mango_picture2.jpgWe are in the full of mango season! The trees are filled with tons of delicious, sweet mangos falling to the ground in the dozens. Did you know that mangos can cause a skin allergy if they are not properly washed? A number of people have already experienced this. The following is an article by Zenaida Serrano, that was published in the Honolulu Advertiser . It explains how this happens:

 File these under things that may give you a severe rash:

Poison ivy, poison oak and ... hold up ... mango?

Blame it on a chemical called urushiol, which is found in the oil of mango sap.

While there are different types of reactions to mango, the most common is an itchy skin condition called allergic contact dermatitis, caused by an allergic reaction to material in contact with the skin, Sweet said.

But the good news about this type of allergy is that the fruit itself is still safe to eat. It's the oil in the sap found outside the fruit that causes allergic contact dermatitis among certain people, he said.

When those who are allergic come in contact with the sap — whether by touching a mango tree's leaves, bark or stems, or the skin of the fruit — it may result in itching, redness, blisters and/or hives. However, reaction is not immediate, often happening 12 to 24 hours after contact, even up to 48 hours later.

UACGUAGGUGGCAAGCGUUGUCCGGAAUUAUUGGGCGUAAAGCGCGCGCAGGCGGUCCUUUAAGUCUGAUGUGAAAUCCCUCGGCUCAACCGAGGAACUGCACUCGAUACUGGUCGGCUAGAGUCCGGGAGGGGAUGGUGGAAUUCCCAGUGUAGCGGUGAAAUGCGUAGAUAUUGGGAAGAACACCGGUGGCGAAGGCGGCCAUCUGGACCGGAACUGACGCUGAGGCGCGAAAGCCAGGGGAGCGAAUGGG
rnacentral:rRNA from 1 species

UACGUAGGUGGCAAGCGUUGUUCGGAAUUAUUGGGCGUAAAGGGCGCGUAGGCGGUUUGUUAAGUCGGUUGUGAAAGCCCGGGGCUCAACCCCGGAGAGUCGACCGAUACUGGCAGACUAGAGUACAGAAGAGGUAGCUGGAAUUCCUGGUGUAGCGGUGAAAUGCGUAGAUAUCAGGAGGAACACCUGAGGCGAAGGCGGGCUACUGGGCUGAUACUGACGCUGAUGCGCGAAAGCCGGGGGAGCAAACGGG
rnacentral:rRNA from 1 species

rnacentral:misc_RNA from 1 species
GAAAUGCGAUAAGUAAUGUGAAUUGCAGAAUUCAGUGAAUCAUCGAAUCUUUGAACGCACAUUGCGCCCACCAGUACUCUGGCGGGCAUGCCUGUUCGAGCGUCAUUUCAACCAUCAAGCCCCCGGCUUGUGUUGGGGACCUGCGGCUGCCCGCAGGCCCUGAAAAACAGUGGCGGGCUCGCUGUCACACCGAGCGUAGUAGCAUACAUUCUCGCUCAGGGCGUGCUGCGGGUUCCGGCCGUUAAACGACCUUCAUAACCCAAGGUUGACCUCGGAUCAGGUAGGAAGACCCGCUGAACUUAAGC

If left untreated, the condition can last one to three weeks before it resolves itself. The rash may be treated with an over-the-counter 1 percent cortisone cream, Sweet said.

If the rash spreads or becomes intolerable, see a doctor who could prescribe a potent steriod cream or cortisone pills, such as prednisone.

Sweet offers these tips to those who may be prone to mango allergies, specifically allergic contact dermatitis:

  • Avoid contact with the sap of a mango tree. Don't climb the tree, pick its fruits or prune its branches. Parents may also want to    watch their children around mango trees and branches.
  • To handle unpeeled mangoes, wear disposable plastic gloves. Better yet, have someone else clean and cut it for you.
  • If you get sap on you, quickly wash it off using dish detergent. Anecdotally, Sweet said, Joy works best. While he isn't exactly sure why this works, he suspects dish detergent rids the allergy-causing oil in the sap better than regular soap and water.
  • If you develop an allergic reaction to the sap, don't use benadryl cream, which can irritate the condition or make it worse. For an over-the-counter treatment, use cortisone cream.


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